Cruthin, Picti, Priteni
The people who lived in Northern Britain in Roman times and in the traditional Arthurian period.
One of the earliest tribes from mainland Europe to invade the British Isles (3000-1000 BC). They settled throughout the islands, but were eventually driven into Ireland, Wales, and Scotland by the invading Celtic tribes, with whom they eventually imerged. During Roman times, the term “Pict” was used to describe all of the barbarian tribes living in Scotland who were never conquered by the Roman empire.
As to the racial identity of the Picts, they were possibly Celtic and called Priteni in their own language, hence the name of Britain. The Irish called them Cruthin and applied this name also to people of the same race in Ireland. Picti, ‘painted folk’, was the name given them by the Romans.
Although they probably preceded the Britons in Britain, the Venerable Bede says they arrived after them and came from Scythia which lies in present-day Ukraine in the southern Russia. Geoffrey asserts that this migration took place under King Sodric who suffered defeat at the hands of the British king, Marius, who bestowed Caithness on them. Mael Mura of Othain, a medieval Irish poet, maintains they came from Thrace.
During the Roman occupation of Britain, the Picts were a frequent headache, leading raids over Hadrian’s Wall and into what is now northern England. When the Romans withdrew from Britain in the early fifth century, leaving a depleted British military, the problem intensified. It appears that in the late 420s or so, a British ruler named Vortigern employed Saxon mercenaries to swell the British ranks and hold back the Pictish invasions. Vortigern’s scheme backfired, and the Saxons, perhaps allied with the Picts they were hired to oppose, became the new enemy.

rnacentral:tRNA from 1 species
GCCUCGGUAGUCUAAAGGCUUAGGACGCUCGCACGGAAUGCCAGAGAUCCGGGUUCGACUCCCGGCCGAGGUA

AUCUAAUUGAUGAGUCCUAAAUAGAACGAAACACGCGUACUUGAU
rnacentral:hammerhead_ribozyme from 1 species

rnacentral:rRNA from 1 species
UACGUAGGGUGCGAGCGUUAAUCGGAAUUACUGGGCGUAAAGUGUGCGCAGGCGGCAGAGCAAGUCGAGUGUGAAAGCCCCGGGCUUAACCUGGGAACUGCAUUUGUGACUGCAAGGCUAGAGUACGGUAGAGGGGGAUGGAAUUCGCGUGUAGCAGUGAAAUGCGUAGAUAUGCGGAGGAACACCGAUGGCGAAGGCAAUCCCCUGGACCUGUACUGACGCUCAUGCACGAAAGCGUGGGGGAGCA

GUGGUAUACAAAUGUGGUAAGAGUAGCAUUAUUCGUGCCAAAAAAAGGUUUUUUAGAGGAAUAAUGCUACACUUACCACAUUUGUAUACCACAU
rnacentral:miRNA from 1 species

In the late fifth century, a new wave of British resistance, begun by Aurelianus Ambrosius and probably continued by Arthur, held back both races. In the meantime, the Scots arrived from Ireland and established their own kingdoms in Pictish lands, and in the sixth century, Saint Columba converted the former “barbarians.” After several hundred years of hostilities between the Picts and Scots, the two races joined politically in the ninth century, and the Picts, as such, ceased to exist.
According to Geoffrey of Monmouth, Arthur subjugated the Picts in the early days of his reign, after the battles at Moray and Lomond. Contradicting previous chronicles, Hector Boece says that the Picts were Arthur’s allies against the Saxons and that Lot was their king. He also avers that Guenevere died as their captive. In Richard Blackmore’s Prince Arthur, Mordred is represented as their king.
Whatever their origins, the kings of the principal Northern Pict kingdom in Arthur’s time were said to have been Galem I (AD 495), Drust III and Drust IV (AD 510-25, after which Drust III ruled alone), Gartnait III (AD 530) and Cailtram (AD 537 to 538); however, this list should be treated with caution. The Southern Picts were divided into four states – Atholl, Circinn, Fife and Fortrenn.
Cadal | The Legend of King Arthur
Drust | The Legend of King Arthur
Historia Ecclesiastica Gentis Anglorum | Bede, 731
Historia Regum Britanniae | Geoffrey of Monmouth, c. 1138
Scotorum Historiae | Hector Boece, 1527
Prince Arthur: An Heroick Poem: In Ten Books | Sir Richard Blackmore, 1695